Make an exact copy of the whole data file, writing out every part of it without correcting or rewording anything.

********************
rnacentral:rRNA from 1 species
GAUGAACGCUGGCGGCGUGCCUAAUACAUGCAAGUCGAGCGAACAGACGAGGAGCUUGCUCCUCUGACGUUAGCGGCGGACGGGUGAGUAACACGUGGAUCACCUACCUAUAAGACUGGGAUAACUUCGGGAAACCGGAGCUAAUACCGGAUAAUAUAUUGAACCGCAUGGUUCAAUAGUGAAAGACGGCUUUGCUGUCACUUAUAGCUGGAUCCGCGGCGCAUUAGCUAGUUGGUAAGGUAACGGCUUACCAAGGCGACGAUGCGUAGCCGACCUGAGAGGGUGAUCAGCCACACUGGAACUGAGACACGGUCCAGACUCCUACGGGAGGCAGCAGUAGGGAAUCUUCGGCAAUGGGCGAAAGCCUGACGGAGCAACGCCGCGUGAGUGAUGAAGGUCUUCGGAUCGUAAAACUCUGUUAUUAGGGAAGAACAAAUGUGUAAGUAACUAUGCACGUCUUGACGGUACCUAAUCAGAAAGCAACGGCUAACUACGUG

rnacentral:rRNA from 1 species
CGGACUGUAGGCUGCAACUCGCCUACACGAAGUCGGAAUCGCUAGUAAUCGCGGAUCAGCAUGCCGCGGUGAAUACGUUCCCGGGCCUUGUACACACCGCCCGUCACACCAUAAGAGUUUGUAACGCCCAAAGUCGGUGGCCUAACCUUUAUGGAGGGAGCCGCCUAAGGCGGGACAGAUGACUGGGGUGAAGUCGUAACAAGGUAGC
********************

rnacentral:rRNA from 1 species
GAUGAACGCUGGCGGCGUGCCUAAUACAUGCAAGUCGAGCGAACAGACGAGGAGCUUGCUCCUCUGACGUUAGCGGCGGACGGGUGAGUAACACGUGGAUCACCUACCUAUAAGACUGGGAUAACUUCGGGAAACCGGAGCUAAUACCGGAUAAUAUAUUGAACCGCAUGGUUCAAUAGUGAAAGACGGCUUUGCUGUCACUUAUAGCUGGAUCCGCGGCGCAUUAGCUAGUUGGUAAGGUAACGGCUUACCAAGGCGACGAUGCGUAGCCGACCUGAGAGGGUGAUCAGCCACACUGGAACUGAGACACGGUCCAGACUCCUACGGGAGGCAGCAGUAGGGAAUCUUCGGCAAUGGGCGAAAGCCUGACGGAGCAACGCCGCGUGAGUGAUGAAGGUCUUCGGAUCGUAAAACUCUGUUAUUAGGGAAGAACAAAUGUGUAAGUAACUAUGCACGUCUUGACGGUACCUAAUCAGAAAGCAACGGCUAACUACGUG

rnacentral:rRNA from 1 species
CGGACUGUAGGCUGCAACUCGCCUACACGAAGUCGGAAUCGCUAGUAAUCGCGGAUCAGCAUGCCGCGGUGAAUACGUUCCCGGGCCUUGUACACACCGCCCGUCACACCAUAAGAGUUUGUAACGCCCAAAGUCGGUGGCCUAACCUUUAUGGAGGGAGCCGCCUAAGGCGGGACAGAUGACUGGGGUGAAGUCGUAACAAGGUAGC